- Paperback: 301 pages
- Publisher: Pan; Reprints edition (16 Mar. 2007)
- Language: English
- ISBN-10: 0330451286
- ISBN-13: 978-0330451284
- Product Dimensions: 13.1 x 2 x 19.8 cm
- Average Customer Review: 4.1 out of 5 stars See all reviews (27 customer reviews)
- Amazon Bestsellers Rank: 614,559 in Books (See Top 100 in Books)
The Secret of Annexe 3 (Inspector Morse Mysteries) Paperback – 16 Mar 2007
|New from||Used from|
Customers who bought this item also bought
What other items do customers buy after viewing this item?
Enter your mobile number or email address below and we'll send you a link to download the free Kindle App. Then you can start reading Kindle books on your smartphone, tablet, or computer - no Kindle device required.
To get the free app, enter your mobile phone number.
If you are a seller for this product, would you like to suggest updates through seller support?
‘No one constructs a whodunit with more fiendish skill than Colin Dexter’ Guardian
From the Back Cover
Morse sought to hide his disappointment. So many people in the Haworth Hotel that fateful evening had been wearing some sort of disguise - a change of dress, a change of make-up, a change of partner, a change of attitude, a change of life almost; and the man who had died had been the most consummate artist of them all . . .
Chief Inspector Morse seldom allowed himself to be caught up in New Year celebrations. So the murder inquiry in the festive hotel had a certain appeal.
It was a crime worthy of the season.
The corpse was still in fancy dress. And hardly a single guest at the Haworth had registered under a genuine name . . .
'A plot of classical cunning and intricacy' Times Literary Supplement
'No one constructs a whodunit with more fiendish skill than Colin Dexter' Guardian--This text refers to an out of print or unavailable edition of this title. See all Product description
Top Customer Reviews
The characters are good enough, but not particularly memorable – that seems to happen a lot in detective novels, for some reasons. It’s because they’re so human, and so dispensable – they have their foibles, like we all do, and whilst the story is largely experienced through the relationships between each of the characters, once it’s over they seem to fade away.
Still, Morse and Lewis are at their strongest here, and the locations that are featured feel both believable and real, as though you yourself are walking amongst them. In many ways, it helps to draw you, as the reader, into the story, and so you’re able to try to solve the mystery yourself. And, like all good mystery novels, it keeps you guessing along the way, and – for me, at least – it’d be easy to re-read it, and to get drawn back into the storyline.
Overall, then, this was probably one of my favourites of the Inspector Morse novels, and it seems as good a book as any for you to get started with. The writing is swift and easy going, and it leaves you feeling satisfied when you get to the end of it. What more could you ask for?
What do you do if you are caught with your pants or your knickers down in an extra-marital affair?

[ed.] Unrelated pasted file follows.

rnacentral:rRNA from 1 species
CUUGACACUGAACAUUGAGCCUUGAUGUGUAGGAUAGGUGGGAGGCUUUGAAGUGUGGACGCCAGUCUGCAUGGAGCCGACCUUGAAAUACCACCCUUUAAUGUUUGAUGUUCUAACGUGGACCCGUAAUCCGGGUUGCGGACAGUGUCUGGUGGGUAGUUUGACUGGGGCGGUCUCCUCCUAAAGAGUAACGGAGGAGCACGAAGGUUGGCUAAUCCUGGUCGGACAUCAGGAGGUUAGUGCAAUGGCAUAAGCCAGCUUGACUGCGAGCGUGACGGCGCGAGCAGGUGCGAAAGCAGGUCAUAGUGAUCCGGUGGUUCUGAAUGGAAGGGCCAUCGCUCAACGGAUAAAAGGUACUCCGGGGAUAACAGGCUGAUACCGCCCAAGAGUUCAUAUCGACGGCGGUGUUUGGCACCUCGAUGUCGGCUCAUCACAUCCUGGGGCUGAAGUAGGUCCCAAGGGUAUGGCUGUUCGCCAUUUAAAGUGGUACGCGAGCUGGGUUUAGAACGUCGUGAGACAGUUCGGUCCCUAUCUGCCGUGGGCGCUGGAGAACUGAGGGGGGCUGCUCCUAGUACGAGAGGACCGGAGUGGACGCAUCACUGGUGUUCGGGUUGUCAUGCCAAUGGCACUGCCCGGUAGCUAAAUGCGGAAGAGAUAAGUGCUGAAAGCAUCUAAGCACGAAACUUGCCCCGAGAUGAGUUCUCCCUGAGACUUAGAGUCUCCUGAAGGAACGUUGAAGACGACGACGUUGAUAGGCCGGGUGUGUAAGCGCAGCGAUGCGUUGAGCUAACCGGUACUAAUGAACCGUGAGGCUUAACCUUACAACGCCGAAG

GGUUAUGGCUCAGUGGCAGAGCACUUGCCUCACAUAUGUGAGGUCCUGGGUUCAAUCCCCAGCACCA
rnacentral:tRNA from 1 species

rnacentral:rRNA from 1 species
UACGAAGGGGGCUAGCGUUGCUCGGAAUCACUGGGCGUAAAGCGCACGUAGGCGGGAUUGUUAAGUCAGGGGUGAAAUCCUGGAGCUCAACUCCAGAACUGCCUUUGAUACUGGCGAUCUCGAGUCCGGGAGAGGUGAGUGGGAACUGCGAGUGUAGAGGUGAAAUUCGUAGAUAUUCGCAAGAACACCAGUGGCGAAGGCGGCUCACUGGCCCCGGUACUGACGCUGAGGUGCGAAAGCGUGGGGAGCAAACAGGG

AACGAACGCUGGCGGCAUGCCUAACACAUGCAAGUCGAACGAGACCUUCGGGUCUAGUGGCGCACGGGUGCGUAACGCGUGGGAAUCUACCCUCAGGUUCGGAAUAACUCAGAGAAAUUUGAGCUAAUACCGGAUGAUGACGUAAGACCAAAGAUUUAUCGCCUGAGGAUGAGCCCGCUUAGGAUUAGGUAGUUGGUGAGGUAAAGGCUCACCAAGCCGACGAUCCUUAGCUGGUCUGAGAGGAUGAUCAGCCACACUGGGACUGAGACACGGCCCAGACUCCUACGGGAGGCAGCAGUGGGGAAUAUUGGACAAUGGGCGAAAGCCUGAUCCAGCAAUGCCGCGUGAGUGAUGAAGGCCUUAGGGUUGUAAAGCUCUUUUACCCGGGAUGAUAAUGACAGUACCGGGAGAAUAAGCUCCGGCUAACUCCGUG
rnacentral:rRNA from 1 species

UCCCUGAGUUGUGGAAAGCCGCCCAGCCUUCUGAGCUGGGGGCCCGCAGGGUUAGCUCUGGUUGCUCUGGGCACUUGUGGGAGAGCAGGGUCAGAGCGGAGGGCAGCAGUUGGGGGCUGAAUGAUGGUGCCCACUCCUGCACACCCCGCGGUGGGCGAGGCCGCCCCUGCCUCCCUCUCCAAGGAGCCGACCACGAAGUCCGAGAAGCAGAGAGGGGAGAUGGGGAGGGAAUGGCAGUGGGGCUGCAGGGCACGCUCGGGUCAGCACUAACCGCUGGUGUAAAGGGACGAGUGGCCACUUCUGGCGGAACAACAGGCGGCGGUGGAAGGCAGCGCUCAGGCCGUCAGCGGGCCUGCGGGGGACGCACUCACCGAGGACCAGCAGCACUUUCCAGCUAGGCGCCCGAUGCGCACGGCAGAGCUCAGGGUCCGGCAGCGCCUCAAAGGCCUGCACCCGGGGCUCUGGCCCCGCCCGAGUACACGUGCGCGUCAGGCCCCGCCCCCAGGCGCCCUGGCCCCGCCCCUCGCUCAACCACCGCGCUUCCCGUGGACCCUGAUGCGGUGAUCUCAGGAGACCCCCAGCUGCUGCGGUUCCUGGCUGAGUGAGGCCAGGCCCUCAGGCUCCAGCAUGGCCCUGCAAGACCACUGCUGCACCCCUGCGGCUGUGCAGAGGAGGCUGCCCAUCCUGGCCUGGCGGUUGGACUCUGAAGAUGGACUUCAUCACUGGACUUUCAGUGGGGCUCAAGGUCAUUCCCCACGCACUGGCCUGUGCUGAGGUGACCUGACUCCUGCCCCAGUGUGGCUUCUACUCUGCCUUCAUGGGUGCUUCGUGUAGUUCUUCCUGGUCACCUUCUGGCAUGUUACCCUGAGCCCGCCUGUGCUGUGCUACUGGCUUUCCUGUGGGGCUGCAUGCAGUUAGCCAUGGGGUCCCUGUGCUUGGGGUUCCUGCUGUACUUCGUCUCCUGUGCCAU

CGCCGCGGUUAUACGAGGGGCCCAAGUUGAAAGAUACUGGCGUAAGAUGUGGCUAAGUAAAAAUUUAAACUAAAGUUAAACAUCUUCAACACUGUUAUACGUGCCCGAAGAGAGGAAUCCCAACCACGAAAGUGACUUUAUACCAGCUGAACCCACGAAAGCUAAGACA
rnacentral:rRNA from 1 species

Well, you have really two options. You can either kill your partner or you can kill your lover. This is roughly the story of this book in a nutshell. The actual murder takes place in the annexe of an Oxford Hotel but the option chosen is only revealed towards the end of the book. Although the people involved in the plot stay at the hotel under assumed names, Chief Inspector Morse works out the real name of the person at the centre of the plot and even though he explains his line of argument to Sergeant Lewis I found that argument a bit hard to follow. But the identification of that person does help him a lot towards solving this mystery.
A third option would of course have been for the person at the centre of the plot to get rid of both partner and lover and the book gives the impression that that is an option which may have been seriously entertained but whether this is indeed the case is again not revealed until the very end of this book.
Similarly to his other Inspector Morse novels I found this book a real page turner. I would assume that the purpose of these novels is not to write them in such a way that they can easily be adapted to television but rather to serve as enjoyment to the reader and I think Colin Dexter has again done an excellent job.
Colin Dexter certainly created very readable detective novels that have stood the test of time, this one was written twenty years ago.Will they be read and be classed with Conan Doyle and Agatha Christie, who knows
This novel could almost be used as a text-book on how-to-write-a-whodunnit by budding crime writers. Once again Colin Dexter's legendary skill in planting clues for the reader is on display to the full - he loves using clues planted in lists and in incongruous looking letters. By using a fancy dress ball he reverts to the old dictum of the Father of Crime, Edgar Allan Poe - Q. How do you hide something best? A. By placing it right before your eyes. A brilliant and hellishly devious criminal puzzle, outsmarting all but the great detective (of course!).
Most Recent Customer Reviews
Very pleased with the condition of this book. I would recommend books from this seller. I have read all of Colin Dexter's Inspector Morse books, they are a really good read.Published 13 months ago by Cazbo
Very pleased with this purchase, in good condition as stated.Published 16 months ago by Ms A Wilson
With the completion of this book I have now read the complete set of "Morse" books. This was as enjoyable as the rest of the stories,although both the Morse and Lewis... Read morePublished 22 months ago by P. Shiel
An excellent book,Colin Dexter takes some beating,I haven't read a bad one yet!Published on 25 April 2015 by Richard Javes